The first Pis were only 32-bit, which limited their applicability to current HPC that uses 64-bit (multiprecision was not yet "a thing"). However, people built them and used them regardless. An individual user could afford to buy a few of them along with switches, flash cards, and USB cables for power and control. Yours truly even built one.

Commercial companies started selling Pi clusters (e.g., PicoClusters). The Raspberry Pi Zero boards also gained some interest with the Cluster HAT, which comprises a base Raspberry Pi with a HAT that uses the GPIO pins and has four slots to plug in Pi Zero boards (Figure 1). I built and tested a Raspberry Pi Cluster HAT in 2017. It was a fun build, and I got some HPC code to run on it, but ultimately, the Pi Zeros just did not have enough performance to make it interesting to me.

Figure 1: My early Cluster HAT.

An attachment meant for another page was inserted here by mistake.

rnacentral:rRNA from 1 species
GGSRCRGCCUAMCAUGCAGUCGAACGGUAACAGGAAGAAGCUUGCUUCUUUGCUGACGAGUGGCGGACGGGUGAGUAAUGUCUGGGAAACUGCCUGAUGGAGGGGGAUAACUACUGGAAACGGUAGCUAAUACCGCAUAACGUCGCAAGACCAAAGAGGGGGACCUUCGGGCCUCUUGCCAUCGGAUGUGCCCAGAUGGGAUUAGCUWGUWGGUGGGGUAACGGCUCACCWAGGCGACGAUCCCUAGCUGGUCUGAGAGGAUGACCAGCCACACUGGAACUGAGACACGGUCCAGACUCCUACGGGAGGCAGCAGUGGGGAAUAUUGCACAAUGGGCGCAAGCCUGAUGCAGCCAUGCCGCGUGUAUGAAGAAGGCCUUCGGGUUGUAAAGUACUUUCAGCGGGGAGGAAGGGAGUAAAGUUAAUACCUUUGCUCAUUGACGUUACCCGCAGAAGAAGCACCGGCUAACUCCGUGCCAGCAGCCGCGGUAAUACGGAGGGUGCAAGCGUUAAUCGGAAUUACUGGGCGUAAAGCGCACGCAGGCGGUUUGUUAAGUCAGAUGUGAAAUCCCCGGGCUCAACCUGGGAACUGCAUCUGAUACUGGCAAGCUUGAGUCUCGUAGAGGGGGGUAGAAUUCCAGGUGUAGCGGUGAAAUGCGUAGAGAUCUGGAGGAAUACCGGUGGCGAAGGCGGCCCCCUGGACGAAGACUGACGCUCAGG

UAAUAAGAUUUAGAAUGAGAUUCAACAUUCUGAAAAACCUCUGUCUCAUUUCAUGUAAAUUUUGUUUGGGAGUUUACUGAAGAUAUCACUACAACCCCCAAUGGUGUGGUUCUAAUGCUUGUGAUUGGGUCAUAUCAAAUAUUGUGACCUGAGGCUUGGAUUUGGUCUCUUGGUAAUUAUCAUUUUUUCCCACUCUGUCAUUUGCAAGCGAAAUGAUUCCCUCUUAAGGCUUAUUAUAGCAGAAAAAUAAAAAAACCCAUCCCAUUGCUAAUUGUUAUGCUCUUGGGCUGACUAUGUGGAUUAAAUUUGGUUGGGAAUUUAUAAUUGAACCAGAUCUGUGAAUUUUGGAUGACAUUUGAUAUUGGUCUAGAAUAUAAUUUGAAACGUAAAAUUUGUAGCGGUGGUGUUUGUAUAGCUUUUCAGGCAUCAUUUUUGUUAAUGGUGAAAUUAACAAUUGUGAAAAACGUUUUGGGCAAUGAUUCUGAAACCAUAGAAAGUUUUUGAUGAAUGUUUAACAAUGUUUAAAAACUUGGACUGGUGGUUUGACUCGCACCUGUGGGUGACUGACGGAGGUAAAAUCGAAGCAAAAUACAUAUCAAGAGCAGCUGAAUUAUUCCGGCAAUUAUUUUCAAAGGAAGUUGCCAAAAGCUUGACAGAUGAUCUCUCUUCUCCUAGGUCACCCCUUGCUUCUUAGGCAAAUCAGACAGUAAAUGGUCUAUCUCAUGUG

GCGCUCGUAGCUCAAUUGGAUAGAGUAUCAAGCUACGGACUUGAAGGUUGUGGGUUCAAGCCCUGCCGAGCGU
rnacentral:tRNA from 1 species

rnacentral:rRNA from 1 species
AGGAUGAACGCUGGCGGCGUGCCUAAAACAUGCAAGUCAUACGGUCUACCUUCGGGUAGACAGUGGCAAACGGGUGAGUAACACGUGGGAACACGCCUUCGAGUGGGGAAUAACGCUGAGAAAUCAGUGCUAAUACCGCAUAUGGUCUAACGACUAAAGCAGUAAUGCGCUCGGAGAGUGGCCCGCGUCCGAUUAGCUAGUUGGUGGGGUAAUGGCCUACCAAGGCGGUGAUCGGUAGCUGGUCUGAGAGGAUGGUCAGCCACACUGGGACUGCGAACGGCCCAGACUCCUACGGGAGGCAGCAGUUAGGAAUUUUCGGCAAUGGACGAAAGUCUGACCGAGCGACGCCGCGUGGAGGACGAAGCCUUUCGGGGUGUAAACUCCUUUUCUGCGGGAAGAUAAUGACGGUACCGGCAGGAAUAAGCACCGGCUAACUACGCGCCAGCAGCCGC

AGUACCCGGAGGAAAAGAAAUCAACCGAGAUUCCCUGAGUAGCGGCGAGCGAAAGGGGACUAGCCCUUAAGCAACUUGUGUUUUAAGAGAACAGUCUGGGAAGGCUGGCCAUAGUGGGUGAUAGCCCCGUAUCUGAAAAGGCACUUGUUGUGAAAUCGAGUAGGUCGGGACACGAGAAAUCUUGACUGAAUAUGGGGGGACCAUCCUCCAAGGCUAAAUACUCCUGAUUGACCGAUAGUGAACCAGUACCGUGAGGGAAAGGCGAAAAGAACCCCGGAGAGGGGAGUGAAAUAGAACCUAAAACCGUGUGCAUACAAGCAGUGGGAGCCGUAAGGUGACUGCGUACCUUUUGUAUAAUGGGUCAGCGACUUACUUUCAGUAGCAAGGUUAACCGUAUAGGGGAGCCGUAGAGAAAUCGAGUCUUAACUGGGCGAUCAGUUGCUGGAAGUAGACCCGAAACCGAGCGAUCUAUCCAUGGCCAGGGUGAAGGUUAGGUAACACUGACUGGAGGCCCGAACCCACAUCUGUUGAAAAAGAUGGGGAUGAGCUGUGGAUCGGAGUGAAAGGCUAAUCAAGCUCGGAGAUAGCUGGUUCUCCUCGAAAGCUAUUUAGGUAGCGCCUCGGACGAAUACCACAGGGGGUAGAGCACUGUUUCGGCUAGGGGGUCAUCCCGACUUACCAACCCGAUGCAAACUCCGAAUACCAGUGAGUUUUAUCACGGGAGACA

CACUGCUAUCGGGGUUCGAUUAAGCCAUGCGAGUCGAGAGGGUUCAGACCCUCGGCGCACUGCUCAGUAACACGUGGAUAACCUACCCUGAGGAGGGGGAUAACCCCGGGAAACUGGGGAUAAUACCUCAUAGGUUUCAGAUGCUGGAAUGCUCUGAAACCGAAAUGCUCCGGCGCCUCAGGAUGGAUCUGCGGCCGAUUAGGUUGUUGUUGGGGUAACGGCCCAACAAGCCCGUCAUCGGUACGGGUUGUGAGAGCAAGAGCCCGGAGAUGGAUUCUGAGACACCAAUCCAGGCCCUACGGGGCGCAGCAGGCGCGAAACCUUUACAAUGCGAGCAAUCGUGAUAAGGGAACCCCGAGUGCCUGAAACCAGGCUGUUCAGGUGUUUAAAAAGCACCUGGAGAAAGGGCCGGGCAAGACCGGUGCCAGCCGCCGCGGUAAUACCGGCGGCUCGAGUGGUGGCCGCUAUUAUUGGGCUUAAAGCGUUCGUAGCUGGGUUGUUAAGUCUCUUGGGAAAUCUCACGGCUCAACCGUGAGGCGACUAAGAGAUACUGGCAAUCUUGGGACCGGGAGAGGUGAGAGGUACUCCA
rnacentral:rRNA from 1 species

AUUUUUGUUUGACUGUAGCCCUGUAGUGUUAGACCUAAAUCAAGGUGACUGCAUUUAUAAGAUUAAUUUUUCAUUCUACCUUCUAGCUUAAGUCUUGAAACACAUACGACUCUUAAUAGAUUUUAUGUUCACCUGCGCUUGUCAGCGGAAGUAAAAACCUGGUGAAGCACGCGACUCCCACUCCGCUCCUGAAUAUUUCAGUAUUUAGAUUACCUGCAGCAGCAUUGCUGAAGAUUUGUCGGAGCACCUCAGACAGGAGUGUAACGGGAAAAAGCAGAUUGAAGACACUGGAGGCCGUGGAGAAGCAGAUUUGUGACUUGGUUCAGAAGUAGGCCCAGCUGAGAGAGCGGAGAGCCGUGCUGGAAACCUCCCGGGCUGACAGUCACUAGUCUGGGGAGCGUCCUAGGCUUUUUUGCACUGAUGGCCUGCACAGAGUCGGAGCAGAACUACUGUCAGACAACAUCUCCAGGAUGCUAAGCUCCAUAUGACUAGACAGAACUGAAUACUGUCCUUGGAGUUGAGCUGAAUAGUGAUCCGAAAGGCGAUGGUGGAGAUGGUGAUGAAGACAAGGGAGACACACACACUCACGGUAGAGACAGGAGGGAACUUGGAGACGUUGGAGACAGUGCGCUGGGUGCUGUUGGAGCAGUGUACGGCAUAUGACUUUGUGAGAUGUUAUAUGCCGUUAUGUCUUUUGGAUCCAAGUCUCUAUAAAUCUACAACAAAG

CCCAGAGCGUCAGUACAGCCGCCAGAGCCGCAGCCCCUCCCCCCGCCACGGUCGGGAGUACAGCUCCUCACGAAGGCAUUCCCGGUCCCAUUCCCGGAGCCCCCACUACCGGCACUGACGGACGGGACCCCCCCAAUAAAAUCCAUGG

Starting with the Raspberry Pi 3, the CPU was now 64 bits, and all of the peripheral chips accommodated this development, which immediately brought the Pi to the level of “serious” HPC, although I still thought 32-bit was good enough for many applications. What was lacking was the operating system (OS).

By far the most popular OS for the Pi, even today, is the Raspberry Pi OS. You have several other options, but because of the limited memory and more modest computational power, The Raspberry Pi OS was the OS of choice. However, it wasn’t for another six years that Raspberry Pi OS became 64-bit. Six years is a long time, but concerns about backward compatibility kept everyone waiting, in my opinion, an inexcusably long time; they were holding back a huge number of projects. Now with a full 64-bit system, the Pi became, in some eyes, a real HPC system. Moreover, systems could now address more than 4GB of memory, which many felt was a serious impediment to using the Pi.